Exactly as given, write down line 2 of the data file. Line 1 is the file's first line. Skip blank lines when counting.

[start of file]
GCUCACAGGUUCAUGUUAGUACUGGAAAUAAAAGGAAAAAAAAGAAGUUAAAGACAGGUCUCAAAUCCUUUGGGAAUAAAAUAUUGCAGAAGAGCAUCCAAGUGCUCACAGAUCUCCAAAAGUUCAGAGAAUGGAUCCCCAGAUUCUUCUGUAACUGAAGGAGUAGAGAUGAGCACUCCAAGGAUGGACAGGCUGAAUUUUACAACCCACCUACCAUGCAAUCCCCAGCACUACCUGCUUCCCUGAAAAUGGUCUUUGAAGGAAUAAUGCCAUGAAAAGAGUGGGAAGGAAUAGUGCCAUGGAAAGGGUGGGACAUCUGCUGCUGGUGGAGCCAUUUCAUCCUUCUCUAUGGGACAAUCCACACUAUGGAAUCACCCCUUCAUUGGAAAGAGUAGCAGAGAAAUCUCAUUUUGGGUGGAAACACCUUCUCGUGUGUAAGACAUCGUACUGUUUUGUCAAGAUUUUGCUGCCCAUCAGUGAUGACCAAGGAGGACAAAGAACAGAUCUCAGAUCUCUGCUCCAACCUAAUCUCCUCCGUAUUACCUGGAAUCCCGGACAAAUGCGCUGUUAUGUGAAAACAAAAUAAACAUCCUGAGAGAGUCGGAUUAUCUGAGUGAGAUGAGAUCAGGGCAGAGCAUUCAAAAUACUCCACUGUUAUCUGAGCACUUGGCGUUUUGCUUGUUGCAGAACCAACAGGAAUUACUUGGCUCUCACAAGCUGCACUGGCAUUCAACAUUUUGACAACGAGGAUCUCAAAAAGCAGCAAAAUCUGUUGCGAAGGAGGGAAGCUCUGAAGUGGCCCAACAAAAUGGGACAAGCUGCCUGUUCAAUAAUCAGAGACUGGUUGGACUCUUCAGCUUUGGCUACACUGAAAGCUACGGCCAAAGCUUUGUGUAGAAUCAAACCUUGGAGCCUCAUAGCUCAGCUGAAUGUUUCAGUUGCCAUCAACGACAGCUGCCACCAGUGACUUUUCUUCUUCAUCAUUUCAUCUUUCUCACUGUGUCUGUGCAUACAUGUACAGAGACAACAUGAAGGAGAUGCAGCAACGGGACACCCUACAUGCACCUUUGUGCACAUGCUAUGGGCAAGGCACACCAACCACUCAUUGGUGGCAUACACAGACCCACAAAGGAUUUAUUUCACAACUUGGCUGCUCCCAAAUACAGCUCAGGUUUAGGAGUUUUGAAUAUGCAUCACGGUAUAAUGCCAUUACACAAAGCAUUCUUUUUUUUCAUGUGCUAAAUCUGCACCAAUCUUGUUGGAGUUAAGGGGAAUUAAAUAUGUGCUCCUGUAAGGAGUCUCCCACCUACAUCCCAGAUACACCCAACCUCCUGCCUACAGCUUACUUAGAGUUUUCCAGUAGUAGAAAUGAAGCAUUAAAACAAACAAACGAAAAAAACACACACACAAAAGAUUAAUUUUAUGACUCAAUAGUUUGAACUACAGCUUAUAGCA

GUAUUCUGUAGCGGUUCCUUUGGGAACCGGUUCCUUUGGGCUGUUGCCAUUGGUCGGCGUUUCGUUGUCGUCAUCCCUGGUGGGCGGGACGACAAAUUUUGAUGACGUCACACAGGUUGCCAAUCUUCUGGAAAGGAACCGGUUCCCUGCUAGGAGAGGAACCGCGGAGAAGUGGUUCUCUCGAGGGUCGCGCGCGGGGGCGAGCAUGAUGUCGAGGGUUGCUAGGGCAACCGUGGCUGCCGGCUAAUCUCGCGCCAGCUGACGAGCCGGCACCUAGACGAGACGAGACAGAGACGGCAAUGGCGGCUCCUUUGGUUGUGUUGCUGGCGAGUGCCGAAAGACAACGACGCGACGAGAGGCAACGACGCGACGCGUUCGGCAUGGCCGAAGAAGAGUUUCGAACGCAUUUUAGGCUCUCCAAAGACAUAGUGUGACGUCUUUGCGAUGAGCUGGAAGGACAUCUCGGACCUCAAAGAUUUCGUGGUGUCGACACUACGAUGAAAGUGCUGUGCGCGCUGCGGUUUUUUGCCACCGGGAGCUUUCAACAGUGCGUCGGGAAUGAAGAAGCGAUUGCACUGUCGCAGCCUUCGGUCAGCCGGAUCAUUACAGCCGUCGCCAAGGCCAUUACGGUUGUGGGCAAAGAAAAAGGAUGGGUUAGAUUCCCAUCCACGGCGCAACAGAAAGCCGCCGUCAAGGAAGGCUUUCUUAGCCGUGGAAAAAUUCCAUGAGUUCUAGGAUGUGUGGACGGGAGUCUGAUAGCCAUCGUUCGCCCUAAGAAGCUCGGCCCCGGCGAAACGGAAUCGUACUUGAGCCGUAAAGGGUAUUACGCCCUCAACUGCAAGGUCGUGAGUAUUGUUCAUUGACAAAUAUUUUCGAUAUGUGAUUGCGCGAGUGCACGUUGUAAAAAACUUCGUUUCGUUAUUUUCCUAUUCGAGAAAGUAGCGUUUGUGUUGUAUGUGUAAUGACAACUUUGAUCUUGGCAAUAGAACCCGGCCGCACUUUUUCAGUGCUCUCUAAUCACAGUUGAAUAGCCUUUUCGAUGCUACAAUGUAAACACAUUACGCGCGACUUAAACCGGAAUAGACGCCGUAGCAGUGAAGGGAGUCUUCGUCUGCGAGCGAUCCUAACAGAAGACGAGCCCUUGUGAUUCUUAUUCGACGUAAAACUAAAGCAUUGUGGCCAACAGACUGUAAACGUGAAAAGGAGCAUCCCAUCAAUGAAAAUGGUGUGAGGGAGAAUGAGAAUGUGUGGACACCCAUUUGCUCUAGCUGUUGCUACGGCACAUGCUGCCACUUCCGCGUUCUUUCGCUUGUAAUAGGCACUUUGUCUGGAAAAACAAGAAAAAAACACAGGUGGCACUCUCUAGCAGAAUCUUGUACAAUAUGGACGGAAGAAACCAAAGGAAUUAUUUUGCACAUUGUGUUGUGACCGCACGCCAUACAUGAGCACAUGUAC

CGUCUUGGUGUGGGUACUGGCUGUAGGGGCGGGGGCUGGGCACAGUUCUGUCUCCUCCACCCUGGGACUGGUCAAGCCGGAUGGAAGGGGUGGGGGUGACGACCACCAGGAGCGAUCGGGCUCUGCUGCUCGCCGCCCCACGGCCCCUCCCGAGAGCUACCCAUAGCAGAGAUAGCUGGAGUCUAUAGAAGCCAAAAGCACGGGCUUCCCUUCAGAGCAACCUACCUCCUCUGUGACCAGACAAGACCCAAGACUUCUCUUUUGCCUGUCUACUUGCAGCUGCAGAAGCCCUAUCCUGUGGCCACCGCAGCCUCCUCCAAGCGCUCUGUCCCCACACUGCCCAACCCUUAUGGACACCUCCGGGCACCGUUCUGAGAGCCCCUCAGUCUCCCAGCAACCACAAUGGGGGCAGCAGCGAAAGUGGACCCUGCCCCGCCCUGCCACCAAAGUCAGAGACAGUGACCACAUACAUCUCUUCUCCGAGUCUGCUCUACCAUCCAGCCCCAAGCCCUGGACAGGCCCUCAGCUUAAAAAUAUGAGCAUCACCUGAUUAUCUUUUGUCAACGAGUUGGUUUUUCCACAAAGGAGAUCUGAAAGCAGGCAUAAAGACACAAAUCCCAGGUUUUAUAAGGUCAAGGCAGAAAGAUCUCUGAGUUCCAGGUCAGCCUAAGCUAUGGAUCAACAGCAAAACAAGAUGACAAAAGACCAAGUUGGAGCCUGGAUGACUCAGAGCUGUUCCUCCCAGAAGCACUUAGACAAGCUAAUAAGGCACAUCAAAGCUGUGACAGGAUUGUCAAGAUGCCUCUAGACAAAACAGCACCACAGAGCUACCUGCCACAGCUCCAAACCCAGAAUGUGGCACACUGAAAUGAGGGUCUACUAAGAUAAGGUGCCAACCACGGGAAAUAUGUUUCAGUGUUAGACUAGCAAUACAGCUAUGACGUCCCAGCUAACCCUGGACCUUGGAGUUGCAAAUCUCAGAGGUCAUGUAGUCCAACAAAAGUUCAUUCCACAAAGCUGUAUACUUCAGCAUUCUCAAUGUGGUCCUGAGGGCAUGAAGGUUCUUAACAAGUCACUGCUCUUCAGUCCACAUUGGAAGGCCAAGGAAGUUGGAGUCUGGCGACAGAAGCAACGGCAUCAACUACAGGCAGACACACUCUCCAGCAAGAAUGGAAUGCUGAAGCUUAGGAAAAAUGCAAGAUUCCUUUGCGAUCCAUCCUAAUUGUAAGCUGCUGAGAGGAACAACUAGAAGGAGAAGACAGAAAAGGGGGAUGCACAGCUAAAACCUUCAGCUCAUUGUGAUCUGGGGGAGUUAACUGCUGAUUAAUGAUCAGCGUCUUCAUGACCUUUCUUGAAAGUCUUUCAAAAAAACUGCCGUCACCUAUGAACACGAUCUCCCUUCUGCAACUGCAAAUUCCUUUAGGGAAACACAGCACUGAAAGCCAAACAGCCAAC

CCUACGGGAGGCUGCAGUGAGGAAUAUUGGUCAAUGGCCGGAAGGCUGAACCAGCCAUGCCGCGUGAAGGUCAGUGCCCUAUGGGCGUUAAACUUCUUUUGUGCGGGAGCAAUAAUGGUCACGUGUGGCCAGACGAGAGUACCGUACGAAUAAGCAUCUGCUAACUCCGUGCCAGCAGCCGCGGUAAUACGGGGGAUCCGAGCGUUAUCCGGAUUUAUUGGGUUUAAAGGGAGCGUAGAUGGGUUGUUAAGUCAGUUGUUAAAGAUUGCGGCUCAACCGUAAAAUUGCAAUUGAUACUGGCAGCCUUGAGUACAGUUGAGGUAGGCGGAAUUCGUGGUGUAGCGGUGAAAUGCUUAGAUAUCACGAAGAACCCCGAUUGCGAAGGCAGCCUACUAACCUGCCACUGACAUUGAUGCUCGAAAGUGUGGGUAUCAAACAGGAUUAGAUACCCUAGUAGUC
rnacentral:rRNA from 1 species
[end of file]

GUAUUCUGUAGCGGUUCCUUUGGGAACCGGUUCCUUUGGGCUGUUGCCAUUGGUCGGCGUUUCGUUGUCGUCAUCCCUGGUGGGCGGGACGACAAAUUUUGAUGACGUCACACAGGUUGCCAAUCUUCUGGAAAGGAACCGGUUCCCUGCUAGGAGAGGAACCGCGGAGAAGUGGUUCUCUCGAGGGUCGCGCGCGGGGGCGAGCAUGAUGUCGAGGGUUGCUAGGGCAACCGUGGCUGCCGGCUAAUCUCGCGCCAGCUGACGAGCCGGCACCUAGACGAGACGAGACAGAGACGGCAAUGGCGGCUCCUUUGGUUGUGUUGCUGGCGAGUGCCGAAAGACAACGACGCGACGAGAGGCAACGACGCGACGCGUUCGGCAUGGCCGAAGAAGAGUUUCGAACGCAUUUUAGGCUCUCCAAAGACAUAGUGUGACGUCUUUGCGAUGAGCUGGAAGGACAUCUCGGACCUCAAAGAUUUCGUGGUGUCGACACUACGAUGAAAGUGCUGUGCGCGCUGCGGUUUUUUGCCACCGGGAGCUUUCAACAGUGCGUCGGGAAUGAAGAAGCGAUUGCACUGUCGCAGCCUUCGGUCAGCCGGAUCAUUACAGCCGUCGCCAAGGCCAUUACGGUUGUGGGCAAAGAAAAAGGAUGGGUUAGAUUCCCAUCCACGGCGCAACAGAAAGCCGCCGUCAAGGAAGGCUUUCUUAGCCGUGGAAAAAUUCCAUGAGUUCUAGGAUGUGUGGACGGGAGUCUGAUAGCCAUCGUUCGCCCUAAGAAGCUCGGCCCCGGCGAAACGGAAUCGUACUUGAGCCGUAAAGGGUAUUACGCCCUCAACUGCAAGGUCGUGAGUAUUGUUCAUUGACAAAUAUUUUCGAUAUGUGAUUGCGCGAGUGCACGUUGUAAAAAACUUCGUUUCGUUAUUUUCCUAUUCGAGAAAGUAGCGUUUGUGUUGUAUGUGUAAUGACAACUUUGAUCUUGGCAAUAGAACCCGGCCGCACUUUUUCAGUGCUCUCUAAUCACAGUUGAAUAGCCUUUUCGAUGCUACAAUGUAAACACAUUACGCGCGACUUAAACCGGAAUAGACGCCGUAGCAGUGAAGGGAGUCUUCGUCUGCGAGCGAUCCUAACAGAAGACGAGCCCUUGUGAUUCUUAUUCGACGUAAAACUAAAGCAUUGUGGCCAACAGACUGUAAACGUGAAAAGGAGCAUCCCAUCAAUGAAAAUGGUGUGAGGGAGAAUGAGAAUGUGUGGACACCCAUUUGCUCUAGCUGUUGCUACGGCACAUGCUGCCACUUCCGCGUUCUUUCGCUUGUAAUAGGCACUUUGUCUGGAAAAACAAGAAAAAAACACAGGUGGCACUCUCUAGCAGAAUCUUGUACAAUAUGGACGGAAGAAACCAAAGGAAUUAUUUUGCACAUUGUGUUGUGACCGCACGCCAUACAUGAGCACAUGUAC